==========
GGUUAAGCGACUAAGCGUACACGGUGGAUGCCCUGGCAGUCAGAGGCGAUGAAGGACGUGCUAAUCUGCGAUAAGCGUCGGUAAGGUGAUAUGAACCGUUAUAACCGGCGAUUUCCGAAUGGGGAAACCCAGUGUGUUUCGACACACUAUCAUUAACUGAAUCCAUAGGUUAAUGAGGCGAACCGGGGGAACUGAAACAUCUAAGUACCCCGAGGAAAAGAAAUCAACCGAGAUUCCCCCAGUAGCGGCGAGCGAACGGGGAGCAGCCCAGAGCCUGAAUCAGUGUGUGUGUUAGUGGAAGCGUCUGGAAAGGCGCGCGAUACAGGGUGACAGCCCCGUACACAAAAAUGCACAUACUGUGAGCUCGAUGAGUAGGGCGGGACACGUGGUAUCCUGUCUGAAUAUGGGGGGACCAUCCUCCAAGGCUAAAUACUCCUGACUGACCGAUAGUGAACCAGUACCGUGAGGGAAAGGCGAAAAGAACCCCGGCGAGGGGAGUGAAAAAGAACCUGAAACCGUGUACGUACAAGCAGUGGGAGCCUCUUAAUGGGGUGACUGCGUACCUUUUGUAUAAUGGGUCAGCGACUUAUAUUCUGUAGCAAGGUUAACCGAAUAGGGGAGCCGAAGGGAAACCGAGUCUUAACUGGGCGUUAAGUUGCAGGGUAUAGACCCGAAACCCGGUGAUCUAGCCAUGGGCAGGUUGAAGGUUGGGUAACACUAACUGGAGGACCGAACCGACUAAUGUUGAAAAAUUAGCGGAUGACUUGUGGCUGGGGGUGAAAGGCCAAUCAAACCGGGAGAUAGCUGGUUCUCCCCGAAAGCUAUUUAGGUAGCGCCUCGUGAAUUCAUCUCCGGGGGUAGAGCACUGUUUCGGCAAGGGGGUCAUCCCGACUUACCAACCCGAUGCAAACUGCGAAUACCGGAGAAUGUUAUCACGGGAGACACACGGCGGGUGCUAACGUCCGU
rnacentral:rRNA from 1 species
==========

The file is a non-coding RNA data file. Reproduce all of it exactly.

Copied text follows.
GGUUAAGCGACUAAGCGUACACGGUGGAUGCCCUGGCAGUCAGAGGCGAUGAAGGACGUGCUAAUCUGCGAUAAGCGUCGGUAAGGUGAUAUGAACCGUUAUAACCGGCGAUUUCCGAAUGGGGAAACCCAGUGUGUUUCGACACACUAUCAUUAACUGAAUCCAUAGGUUAAUGAGGCGAACCGGGGGAACUGAAACAUCUAAGUACCCCGAGGAAAAGAAAUCAACCGAGAUUCCCCCAGUAGCGGCGAGCGAACGGGGAGCAGCCCAGAGCCUGAAUCAGUGUGUGUGUUAGUGGAAGCGUCUGGAAAGGCGCGCGAUACAGGGUGACAGCCCCGUACACAAAAAUGCACAUACUGUGAGCUCGAUGAGUAGGGCGGGACACGUGGUAUCCUGUCUGAAUAUGGGGGGACCAUCCUCCAAGGCUAAAUACUCCUGACUGACCGAUAGUGAACCAGUACCGUGAGGGAAAGGCGAAAAGAACCCCGGCGAGGGGAGUGAAAAAGAACCUGAAACCGUGUACGUACAAGCAGUGGGAGCCUCUUAAUGGGGUGACUGCGUACCUUUUGUAUAAUGGGUCAGCGACUUAUAUUCUGUAGCAAGGUUAACCGAAUAGGGGAGCCGAAGGGAAACCGAGUCUUAACUGGGCGUUAAGUUGCAGGGUAUAGACCCGAAACCCGGUGAUCUAGCCAUGGGCAGGUUGAAGGUUGGGUAACACUAACUGGAGGACCGAACCGACUAAUGUUGAAAAAUUAGCGGAUGACUUGUGGCUGGGGGUGAAAGGCCAAUCAAACCGGGAGAUAGCUGGUUCUCCCCGAAAGCUAUUUAGGUAGCGCCUCGUGAAUUCAUCUCCGGGGGUAGAGCACUGUUUCGGCAAGGGGGUCAUCCCGACUUACCAACCCGAUGCAAACUGCGAAUACCGGAGAAUGUUAUCACGGGAGACACACGGCGGGUGCUAACGUCCGU
rnacentral:rRNA from 1 species